Personality Profile: Leah Lipke

Leah at the March For Our Lives stage.

BY ILYSSA MANN

Ever since the 2016 Trump election, junior Leah Lipke said political issues have encapsulated her. She said her passions for topics such as gun regulations and women’s rights have inspired her to speak with politicians and express what changes she wants to bring to the United States.

“Trump’s win [has] revealed issues to me that I wanted to work to fight against and combat with my actions,” Lipke said. “Now it is finally my turn to articulate myself and fight for the things that are important to myself and the people around me.”

Social studies teacher and adviser of the Law and Justice club Wendy Wuenker, said Lipke takes initiative in issues involving gun regulations and school safety. She said Lipke is definitely making a change in these areas.

“Leah doesn’t have to be reminded as to what to do as she takes initiative, which sets her apart from most students her age that I have experienced,” Wuenker said.

Because of this passion, in March, Lipke went to The March for Our Lives in Washington D.C. with the Gifford’s foundation. Alongside Marjory Stoneman Douglas students, she said she spoke to many members of Congress about gun regulations.

“We were able to speak with various politicians; some of which closed their doors on us,” Lipke said. “I guess we were somebody that they weren’t prepared to help, because they didn’t want to change gun regulations and that taught me a lesson on how not everyone will be open to your ideas of positive change.”

Due to her age, Lipke said her opinions are not always respected, and this has proved to be a challenge to her at times. However, she said she will continue to make herself heard when it comes to the issues that are important to her.

“It has [been] revealed to me that not everybody will want to listen to your story and you will not always find a public and an audience that will want to help you create a positive change for your community,” Lipke said.

Junior Julietta Bea, a close friend of Lipke’s, said she has supported her in all of her achievements.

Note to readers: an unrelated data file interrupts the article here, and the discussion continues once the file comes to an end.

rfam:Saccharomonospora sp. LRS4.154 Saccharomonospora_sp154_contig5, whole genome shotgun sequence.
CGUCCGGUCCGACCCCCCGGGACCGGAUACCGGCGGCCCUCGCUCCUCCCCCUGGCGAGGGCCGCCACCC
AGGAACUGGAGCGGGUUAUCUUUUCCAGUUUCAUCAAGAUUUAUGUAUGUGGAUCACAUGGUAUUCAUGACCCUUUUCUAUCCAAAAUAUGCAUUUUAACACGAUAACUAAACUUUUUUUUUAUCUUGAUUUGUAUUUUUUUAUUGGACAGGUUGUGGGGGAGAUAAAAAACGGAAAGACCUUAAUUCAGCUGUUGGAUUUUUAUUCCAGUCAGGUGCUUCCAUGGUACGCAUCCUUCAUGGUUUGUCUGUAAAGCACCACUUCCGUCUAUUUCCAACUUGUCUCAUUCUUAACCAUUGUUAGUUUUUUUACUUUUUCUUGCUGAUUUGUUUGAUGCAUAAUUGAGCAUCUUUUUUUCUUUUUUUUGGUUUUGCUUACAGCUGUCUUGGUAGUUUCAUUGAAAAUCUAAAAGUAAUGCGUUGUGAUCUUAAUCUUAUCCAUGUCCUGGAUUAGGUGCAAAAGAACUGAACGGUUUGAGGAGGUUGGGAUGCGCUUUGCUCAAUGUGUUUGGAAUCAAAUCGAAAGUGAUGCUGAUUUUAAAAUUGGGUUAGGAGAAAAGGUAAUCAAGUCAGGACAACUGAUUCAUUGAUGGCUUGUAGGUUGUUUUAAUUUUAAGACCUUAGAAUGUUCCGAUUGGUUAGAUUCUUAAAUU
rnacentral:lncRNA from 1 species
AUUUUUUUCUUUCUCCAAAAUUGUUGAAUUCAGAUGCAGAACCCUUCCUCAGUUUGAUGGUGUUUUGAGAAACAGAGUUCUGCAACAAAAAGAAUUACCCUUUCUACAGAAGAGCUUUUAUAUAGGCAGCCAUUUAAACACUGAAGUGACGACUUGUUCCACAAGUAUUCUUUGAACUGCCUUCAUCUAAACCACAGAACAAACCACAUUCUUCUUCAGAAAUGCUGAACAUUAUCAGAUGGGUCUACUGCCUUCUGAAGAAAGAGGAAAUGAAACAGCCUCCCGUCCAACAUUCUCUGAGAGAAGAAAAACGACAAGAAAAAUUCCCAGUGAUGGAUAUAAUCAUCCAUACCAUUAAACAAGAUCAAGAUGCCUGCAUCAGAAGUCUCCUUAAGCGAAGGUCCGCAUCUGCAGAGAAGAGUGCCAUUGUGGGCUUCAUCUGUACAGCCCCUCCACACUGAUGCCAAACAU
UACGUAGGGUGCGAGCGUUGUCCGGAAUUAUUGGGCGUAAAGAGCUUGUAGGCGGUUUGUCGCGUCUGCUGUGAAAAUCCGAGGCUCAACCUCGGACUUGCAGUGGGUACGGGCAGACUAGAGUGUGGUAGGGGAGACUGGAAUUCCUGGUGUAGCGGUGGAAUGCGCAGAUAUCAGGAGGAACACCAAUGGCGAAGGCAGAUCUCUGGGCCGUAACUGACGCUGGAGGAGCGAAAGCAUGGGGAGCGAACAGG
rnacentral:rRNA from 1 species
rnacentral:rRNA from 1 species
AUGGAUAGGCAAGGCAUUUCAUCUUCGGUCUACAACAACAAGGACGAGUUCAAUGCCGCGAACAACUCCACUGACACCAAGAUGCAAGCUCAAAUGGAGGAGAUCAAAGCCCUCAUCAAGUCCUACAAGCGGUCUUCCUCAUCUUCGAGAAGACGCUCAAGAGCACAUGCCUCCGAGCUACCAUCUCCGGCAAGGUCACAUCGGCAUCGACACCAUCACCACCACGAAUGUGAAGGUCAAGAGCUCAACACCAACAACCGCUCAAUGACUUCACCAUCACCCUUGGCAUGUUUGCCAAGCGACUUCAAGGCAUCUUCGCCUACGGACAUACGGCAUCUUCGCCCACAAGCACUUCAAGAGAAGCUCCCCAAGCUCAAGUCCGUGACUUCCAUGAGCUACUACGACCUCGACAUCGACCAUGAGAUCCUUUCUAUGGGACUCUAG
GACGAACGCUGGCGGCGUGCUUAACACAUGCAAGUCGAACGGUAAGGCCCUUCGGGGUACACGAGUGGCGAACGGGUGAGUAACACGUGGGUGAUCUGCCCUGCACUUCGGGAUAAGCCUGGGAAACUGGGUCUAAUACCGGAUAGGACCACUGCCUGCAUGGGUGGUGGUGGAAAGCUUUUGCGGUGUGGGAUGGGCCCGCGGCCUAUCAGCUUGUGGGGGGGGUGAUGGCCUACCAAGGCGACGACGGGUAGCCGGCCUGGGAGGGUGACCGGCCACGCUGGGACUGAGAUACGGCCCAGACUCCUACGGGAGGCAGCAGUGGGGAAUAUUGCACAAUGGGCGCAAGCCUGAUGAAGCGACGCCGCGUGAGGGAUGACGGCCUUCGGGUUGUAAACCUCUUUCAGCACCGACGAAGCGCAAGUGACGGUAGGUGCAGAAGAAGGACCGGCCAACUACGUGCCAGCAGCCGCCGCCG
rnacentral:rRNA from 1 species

“Watching someone who you consider a close friend strive to these lengths in following their passion is inspiring,” Bea said. “A lot of people, both minors and adults, could learn something from [Lipke].”

Bea said she was especially proud and impressed by Lipke in her efforts to regulate gun laws by going to D.C. and speaking to officials by holding a press conference on Capitol Hill.

“The fact that she is only sixteen, and has privately spoken with Joe Biden and various other politicians, just shows how determined she is in making this country a better place for herself, her family, friends and really anyone that lives in the United States,” Bea said.

Wuenker said Lipke would be ranked in the top five percent of the students she has taught with regards to her responsibility, maturity, fairness and honesty. She said Lipke has taken time to narrow down her goals and is doing something about achieving them right now.

“Leah is a fierce, independent and capable person and will be very successful in whatever path she chooses for her career,” Wuenker said. “I would feel relieved to have someone such as Leah as a leader in the political world because I know she would be honest, display integrity and is compassionate toward the needs of all people.”

While Lipke said she is not certain that her actions are making a difference, she said she will invest everything she has inside of her to accomplish her goals. Furthermore, the one lesson Lipke said she will remember from all of this is her rejection from the people in the Senate and what it has taught her.

“That rejection, when the people in the Senate quite literally shut their doors on our faces, has helped me grow stronger,” Lipke said. “It has helped me in not only pursuing policy, but also in my day to day life. I realized that I will be rejected, but I will also be able to fight against it.”

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